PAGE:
Filed under: Capitalism, Economy, Free Markets, Politics, Progressives, Regulation, The United States, Unemployment | Tags: A Troubled Economy, Federal Reserve, Leftist Economics
The Federal Reserve’s quantitative easing seemed like a good idea at the time. Cheap interest rates would let businesses borrow and grow and hire.The Wall Street Journal says household and nonprofit net worth climbed to $85.7 trillion
Economists had hoped that rising worth in U.S. households could induce — through what are known as wealth effects — enough spending and confidence to bring about a more robust economic recovery. That logic helped underpin the Fed’s decisions to hols interest rates near zero for nearly the past seven years, and to engage in repeated rounds of asset purchases, known as quantitative easing.
But while the value of U.S. assets has shot upward in recent years—stocks have reached new highs and home values have regained much of what was lost in the housing bubble’s collapse—economic growth has been sluggish, and many households have seen little of this wealth flow into their paychecks.
The American Interest says ‘Low Interest Rates Mask the Effects of Job-Killing Policies.’ “While the Fed’s quantitative easing has not led to the consumer price inflation that many feared, it has led to asset price inflation. Job growth, not asset price inflation, is the best way to promote economic growth.”
To grow the economy, cheap interest rates are not going to work as well as reforms that make business formation and job creation more attractive. Yet Democrats these days have ever-lengthening lists of job-killing policies they want to enact, from tighter environmental regulations to dramatic minimum wage increases (especially in cities where unemployment is high) to tax increases. Paradoxically, that leaves liberals cheerleading for Fed policies that increase inequality and concentrate wealth because only ultra low rates (or truly massive deficits, which can’t be rammed through a GOP Congress) can mask the effect of left-wing microeconomic policies on the economy as a whole.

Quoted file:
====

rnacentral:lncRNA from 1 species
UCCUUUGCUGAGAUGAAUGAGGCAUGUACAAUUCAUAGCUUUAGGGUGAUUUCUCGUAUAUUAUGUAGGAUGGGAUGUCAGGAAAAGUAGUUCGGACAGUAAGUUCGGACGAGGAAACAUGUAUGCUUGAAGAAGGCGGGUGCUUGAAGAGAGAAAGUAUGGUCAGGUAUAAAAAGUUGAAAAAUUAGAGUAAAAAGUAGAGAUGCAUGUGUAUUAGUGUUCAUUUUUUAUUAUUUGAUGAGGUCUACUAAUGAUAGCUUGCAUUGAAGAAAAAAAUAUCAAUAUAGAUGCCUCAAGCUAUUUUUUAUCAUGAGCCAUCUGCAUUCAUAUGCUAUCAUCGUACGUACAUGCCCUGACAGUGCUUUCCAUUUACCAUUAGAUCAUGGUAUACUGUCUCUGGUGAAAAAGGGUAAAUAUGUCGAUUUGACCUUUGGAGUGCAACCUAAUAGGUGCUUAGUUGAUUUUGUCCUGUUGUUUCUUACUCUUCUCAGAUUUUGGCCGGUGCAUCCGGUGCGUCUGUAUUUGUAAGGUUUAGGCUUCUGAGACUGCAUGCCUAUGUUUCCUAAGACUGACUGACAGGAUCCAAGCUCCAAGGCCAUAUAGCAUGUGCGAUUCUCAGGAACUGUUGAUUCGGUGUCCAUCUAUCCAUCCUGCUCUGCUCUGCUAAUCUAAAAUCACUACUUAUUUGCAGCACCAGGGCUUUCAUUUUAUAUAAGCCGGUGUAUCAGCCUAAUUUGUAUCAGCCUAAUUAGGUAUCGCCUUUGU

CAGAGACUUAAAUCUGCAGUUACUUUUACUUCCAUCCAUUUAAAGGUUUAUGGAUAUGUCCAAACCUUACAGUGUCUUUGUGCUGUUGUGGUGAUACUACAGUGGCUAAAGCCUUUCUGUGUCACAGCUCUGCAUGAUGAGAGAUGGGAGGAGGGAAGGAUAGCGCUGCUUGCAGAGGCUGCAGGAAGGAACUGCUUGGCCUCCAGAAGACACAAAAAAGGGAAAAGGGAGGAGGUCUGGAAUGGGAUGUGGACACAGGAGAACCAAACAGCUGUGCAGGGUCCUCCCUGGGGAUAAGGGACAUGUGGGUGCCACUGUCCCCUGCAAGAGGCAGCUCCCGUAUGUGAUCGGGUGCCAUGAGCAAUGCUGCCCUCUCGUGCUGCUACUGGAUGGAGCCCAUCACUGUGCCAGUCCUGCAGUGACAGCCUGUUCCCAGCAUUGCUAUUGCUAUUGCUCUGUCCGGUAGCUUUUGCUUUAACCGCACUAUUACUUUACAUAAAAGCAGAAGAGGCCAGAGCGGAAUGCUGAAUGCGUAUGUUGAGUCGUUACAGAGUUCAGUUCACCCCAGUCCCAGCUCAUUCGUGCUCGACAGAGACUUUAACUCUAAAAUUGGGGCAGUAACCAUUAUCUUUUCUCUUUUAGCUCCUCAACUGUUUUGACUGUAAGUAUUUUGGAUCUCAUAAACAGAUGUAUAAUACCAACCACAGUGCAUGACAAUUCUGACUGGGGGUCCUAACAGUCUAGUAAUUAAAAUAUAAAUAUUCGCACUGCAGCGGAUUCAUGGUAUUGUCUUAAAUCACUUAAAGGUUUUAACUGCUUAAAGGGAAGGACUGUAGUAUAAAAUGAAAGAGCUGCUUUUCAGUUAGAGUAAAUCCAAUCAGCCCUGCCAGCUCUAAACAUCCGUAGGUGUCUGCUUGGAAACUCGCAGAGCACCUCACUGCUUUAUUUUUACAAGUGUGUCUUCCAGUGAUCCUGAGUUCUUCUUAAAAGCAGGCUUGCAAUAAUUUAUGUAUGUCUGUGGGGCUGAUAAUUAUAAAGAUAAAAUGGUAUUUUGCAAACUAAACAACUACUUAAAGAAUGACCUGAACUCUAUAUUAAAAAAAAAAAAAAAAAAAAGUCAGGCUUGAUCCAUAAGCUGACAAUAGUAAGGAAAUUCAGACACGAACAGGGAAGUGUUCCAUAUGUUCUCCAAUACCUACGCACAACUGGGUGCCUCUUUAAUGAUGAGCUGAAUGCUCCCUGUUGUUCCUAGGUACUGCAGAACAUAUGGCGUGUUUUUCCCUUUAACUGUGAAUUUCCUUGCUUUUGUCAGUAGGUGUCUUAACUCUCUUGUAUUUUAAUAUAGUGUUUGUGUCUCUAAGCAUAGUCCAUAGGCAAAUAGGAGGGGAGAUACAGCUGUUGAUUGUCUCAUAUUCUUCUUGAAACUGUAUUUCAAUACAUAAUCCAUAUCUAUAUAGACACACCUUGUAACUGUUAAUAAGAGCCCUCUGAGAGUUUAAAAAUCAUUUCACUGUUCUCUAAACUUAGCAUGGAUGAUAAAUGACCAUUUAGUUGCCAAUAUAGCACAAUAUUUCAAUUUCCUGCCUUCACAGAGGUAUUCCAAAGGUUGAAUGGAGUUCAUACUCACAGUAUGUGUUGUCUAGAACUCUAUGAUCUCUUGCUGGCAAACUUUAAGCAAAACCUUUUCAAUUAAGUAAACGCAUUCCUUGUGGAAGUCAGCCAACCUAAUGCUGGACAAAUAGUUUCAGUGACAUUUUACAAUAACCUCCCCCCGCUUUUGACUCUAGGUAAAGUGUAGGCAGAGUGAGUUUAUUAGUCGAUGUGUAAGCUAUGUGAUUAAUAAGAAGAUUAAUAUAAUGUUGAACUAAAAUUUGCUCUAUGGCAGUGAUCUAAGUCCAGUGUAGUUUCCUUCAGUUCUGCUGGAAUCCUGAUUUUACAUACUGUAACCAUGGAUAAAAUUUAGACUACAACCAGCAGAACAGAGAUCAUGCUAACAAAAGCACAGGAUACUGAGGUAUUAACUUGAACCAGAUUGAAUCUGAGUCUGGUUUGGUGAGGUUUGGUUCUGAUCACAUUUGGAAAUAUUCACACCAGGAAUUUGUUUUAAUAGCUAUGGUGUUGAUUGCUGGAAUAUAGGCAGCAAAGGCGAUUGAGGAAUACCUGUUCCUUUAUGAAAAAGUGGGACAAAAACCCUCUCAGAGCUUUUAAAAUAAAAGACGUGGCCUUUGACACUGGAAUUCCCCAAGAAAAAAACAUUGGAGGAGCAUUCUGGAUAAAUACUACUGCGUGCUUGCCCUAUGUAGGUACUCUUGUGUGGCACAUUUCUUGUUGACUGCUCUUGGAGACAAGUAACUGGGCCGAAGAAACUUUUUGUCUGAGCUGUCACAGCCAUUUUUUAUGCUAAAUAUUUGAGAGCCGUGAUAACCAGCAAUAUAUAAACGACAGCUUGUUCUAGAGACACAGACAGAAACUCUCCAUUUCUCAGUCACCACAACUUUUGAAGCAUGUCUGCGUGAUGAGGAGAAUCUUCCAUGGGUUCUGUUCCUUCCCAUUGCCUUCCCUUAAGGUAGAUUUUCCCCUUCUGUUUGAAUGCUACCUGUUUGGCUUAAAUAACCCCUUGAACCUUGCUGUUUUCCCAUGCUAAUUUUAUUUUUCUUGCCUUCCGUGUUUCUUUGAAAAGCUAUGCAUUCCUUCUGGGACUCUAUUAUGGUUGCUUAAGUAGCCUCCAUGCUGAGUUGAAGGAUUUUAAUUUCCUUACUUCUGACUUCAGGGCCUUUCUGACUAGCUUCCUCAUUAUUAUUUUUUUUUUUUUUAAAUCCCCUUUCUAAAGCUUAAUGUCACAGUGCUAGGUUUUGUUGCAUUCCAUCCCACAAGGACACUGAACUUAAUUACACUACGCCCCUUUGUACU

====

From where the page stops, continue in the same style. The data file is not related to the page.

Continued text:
The Pizza shop owners have been ordered to list all the ingredients in each pizza with the calorie count, because people are too fat. They have also been ordered to comply with the newly raised federal minimum wage, because no one can raise a family on the minimum wage. And just how do they pay for all that?
Hospitals have been ordered to computerize every examining room so they can be centrally programmed to store all the patient’s information so it can be shifted between hospitals and the government to reduce the cost of health care.¹ A tax has been levied on every piece of medical equipment from the examination table to the mammogram machine to the disposable gloves, and the sterile swabs. That is also expected to reduce the cost of health care.
That’s just two tiny examples of the wrongheadedness of Democrats and their economists. Noble intent + stupid idea does not equal an improving economy, and yet here we sit after 7 very long years.
They are so intent on control and more closely directing all economic activity in the interest of greater “fairness” that we have reached a point where the Federal Reserve seems to be terrified at the possibility of what might happen if they raised interest rates by a quarter of a percentage point.